AUGUSTA – A new word is making the rounds in the state Capitol: deaccession.
Don’t worry, it has nothing to do with taxes, or consolidating schools or towns. Only those whose portraits lord over the limestone hallways need be concerned, and most of them are dead anyway. To those, the word brings a horrifying ring of political finality, as in impeachment, or even exile.
It means, quite literally, you’re off the wall.
That was the fate recently of Arba Eugene Powers, whose portrait kicked around the State House for decades. Bearing a striking resemblance to Walt Disney with a sweeping Errol Flynn mustache, Powers’ portrait depicts him sitting regally in a high-backed chair.
The Legislative Council – the House and Senate leaders from both parties – gave a final nod of approval on Powers’ deaccession in unceremonious fashion on July 30. His was the first portrait from the State House collection to be accorded such a fate.
The action followed a lively discussion that touched on a policy of gradually sprinkling the collection of gray-haired, stony-faced men who stare solemnly from State House walls with a few more women, Native Americans and others from diverse backgrounds.
“I think there are an awful lot of portraits in the State House that ought to go,” Assistant Senate Majority Leader John Martin, the Eagle Lake Democrat who himself is a walking legend in the Capitol, told his council colleagues.
The State Law Library catalogues 124 State House portraits as of 2005. The roster includes Maine governors, members of Congress, judges, prosecutors, military men, a publisher, a temperance reformer and even a British colonial statesman, Thomas Pownal.
Portraits include the likes of Civil War hero and Maine Gov. Joshua Chamberlain, American Greenback Party founder Solon Chase of Turner, and Ralph Brewster, governor from 1925-29 who later represented Maine in the U.S. House and Senate. Brewster’s political role in airline regulation was highlighted in the 2004 movie “The Aviator,” with Brewster depicted by actor Alan Alda.
Most famous and largest of all is the painting of George Washington, whose horse’s posterior hangs like a rising moon over the State House’s central stairway.
Even a dog appears in one portrait, but Garry appears alongside his master, Gov. Percival Baxter, whose bust is the artistic centerpiece of the Hall of Flags.
A few of Maine’s modern-era political towers have had honored places in the 2nd Floor Hall of Flags, including Edmund S. Muskie, who served governor in the 1950s and went on to serve with distinction in the U.S. Senate before becoming secretary of state.
There’s also a life-size portrait of Margaret Chase Smith, the first woman elected to both chambers of Congress who in 1964 became the first woman to have her name placed in nomination for president. Smith is one of few women – but certainly the most prominent – to be represented in the hallways.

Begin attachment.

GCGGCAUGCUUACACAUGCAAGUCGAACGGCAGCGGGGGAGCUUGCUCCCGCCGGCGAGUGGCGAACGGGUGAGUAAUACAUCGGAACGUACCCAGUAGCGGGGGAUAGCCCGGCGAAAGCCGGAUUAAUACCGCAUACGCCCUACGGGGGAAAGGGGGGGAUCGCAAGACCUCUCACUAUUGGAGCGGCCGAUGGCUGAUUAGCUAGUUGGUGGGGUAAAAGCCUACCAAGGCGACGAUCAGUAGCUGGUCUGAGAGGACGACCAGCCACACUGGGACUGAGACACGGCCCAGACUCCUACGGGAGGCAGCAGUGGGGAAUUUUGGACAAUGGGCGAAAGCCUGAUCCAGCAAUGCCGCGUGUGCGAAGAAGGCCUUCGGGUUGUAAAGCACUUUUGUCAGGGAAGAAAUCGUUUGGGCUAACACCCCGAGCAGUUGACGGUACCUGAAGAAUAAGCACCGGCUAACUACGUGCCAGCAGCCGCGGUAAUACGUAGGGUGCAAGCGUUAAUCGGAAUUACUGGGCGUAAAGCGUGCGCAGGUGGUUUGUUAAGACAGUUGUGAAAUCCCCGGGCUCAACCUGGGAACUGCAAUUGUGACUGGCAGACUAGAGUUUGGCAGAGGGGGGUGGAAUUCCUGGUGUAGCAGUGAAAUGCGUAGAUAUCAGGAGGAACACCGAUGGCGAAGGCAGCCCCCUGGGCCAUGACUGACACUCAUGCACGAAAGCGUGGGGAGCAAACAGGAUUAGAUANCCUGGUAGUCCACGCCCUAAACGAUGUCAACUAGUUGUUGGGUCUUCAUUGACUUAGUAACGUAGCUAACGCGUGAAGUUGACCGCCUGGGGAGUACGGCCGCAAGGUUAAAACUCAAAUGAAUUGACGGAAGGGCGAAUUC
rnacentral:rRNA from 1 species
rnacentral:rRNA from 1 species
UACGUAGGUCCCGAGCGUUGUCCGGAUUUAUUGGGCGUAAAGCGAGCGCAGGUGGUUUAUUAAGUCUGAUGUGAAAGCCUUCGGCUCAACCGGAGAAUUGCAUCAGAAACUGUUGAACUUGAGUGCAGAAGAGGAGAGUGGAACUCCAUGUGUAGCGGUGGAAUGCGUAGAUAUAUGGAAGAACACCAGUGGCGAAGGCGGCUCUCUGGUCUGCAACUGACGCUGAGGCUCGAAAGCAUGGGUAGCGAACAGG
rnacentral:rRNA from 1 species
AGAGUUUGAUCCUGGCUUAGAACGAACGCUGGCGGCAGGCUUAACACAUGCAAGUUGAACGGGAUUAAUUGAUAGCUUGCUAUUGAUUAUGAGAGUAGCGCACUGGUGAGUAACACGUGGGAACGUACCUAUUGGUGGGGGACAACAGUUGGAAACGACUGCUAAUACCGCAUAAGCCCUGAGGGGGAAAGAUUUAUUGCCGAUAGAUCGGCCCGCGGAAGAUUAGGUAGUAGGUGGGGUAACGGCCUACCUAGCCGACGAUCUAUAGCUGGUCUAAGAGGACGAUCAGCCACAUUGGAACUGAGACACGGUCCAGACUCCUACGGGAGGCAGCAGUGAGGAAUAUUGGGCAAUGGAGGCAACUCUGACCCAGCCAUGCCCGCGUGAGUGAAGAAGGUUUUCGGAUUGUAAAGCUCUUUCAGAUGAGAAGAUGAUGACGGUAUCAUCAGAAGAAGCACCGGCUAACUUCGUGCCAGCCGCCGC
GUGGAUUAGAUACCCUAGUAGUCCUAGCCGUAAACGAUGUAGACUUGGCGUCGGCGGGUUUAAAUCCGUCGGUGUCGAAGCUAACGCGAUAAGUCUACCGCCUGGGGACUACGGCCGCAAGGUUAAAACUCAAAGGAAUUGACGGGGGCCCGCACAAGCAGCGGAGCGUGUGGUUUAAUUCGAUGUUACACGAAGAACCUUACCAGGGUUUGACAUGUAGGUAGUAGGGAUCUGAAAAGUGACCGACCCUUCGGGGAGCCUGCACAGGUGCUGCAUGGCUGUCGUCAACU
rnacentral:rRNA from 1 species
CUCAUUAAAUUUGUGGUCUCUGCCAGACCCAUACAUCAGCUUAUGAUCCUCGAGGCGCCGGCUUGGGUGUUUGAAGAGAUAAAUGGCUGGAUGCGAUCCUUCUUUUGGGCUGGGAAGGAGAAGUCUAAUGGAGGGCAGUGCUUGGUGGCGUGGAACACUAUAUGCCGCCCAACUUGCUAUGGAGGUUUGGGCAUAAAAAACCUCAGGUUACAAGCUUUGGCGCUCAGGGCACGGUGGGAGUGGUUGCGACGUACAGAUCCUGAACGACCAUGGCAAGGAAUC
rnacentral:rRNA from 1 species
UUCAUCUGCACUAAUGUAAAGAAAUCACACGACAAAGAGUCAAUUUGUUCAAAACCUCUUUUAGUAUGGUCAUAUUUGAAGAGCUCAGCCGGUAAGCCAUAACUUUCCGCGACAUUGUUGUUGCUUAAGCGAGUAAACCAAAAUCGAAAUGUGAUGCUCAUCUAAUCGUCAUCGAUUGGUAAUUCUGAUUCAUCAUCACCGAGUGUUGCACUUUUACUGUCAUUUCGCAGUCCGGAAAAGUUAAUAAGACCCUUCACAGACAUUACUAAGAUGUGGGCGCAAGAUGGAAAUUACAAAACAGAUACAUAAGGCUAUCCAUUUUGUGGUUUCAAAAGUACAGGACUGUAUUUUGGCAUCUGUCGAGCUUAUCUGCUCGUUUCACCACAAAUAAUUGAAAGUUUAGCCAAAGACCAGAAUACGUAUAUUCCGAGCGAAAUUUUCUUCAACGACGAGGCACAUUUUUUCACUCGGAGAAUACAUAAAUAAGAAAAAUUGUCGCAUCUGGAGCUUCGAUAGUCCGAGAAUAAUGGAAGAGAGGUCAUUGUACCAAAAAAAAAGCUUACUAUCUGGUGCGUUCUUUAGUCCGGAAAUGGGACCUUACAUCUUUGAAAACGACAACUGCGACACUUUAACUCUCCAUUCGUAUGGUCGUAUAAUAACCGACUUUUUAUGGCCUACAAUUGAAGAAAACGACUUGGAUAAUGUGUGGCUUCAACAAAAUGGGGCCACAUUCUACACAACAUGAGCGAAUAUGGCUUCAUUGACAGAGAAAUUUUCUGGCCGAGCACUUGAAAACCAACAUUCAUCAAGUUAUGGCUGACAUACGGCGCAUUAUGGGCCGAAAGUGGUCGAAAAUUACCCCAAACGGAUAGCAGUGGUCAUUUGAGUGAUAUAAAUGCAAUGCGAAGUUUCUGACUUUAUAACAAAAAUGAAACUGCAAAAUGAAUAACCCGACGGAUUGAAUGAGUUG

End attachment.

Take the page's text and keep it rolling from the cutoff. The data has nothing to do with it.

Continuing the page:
That could change, due to the success of women in elections for legislative seats and leadership positions, and in races for U.S. House and Senate.
But back to Arba Eugene Powers.
There’s no abundance of biographical information about Arba Powers, but newspaper articles shed some light on his life and career.
He was born in Houlton in May 1872, and was the nephew of Llewellyn Powers of Houlton, Maine’s Republican governor from 1897 to 1901. As a lad, Arba Powers showed interest in acting and at age 18 wrote his first play, which was performed in a few Aroostook County towns. He cultivated an English accent which became his stock in trade on the stage.
Powers got his first big role in New York in “The Village Postmaster,” in which he played a farmer but before the end of the six-year run had the leading role, according to Powers’ Jan. 10, 1935, obituary in the Houlton Pioneer Times.
His portrait first was hung in the Blaine House and later displayed on the 4th floor of the State House, according to a newspaper article from October 1934. From there, Powers’ portrait bounced from room to room, but never found a secure home.
The fact that Powers had essentially nothing to do with state political or military history apparently did not go unnoticed by legislators through the years.
Council Director David Boulter said that every time Powers’ portrait appeared on the wall of a committee room, a legislator would ask that it be taken down.
With the one-time Broadway actor reduced to vagabond status in the State House, state Museum Director J.R. Phillips stepped in with the proposal for deaccession, a term that refers to a work being permanently removed from an art collection or museum.
He recommended that the portrait be donated to the Aroostook Historical and Art Museum in Houlton. The state museum board authorized the giveaway and the Legislative Council gave its blessing.
While Powers’ deaccession was the first in which a painting was actually removed from the State House collection, Phillips said the state museum removes items from its collection all of the time. Castoff items typically go to other, smaller museums.
So after a long run in the state capital, the Powers’ portrait is headed to a smaller stage in Houlton.
It may be a fitting tribute to the actor who, during one of his summer visit to his hometown, said, “Not a darned soul believes I’m an actor.”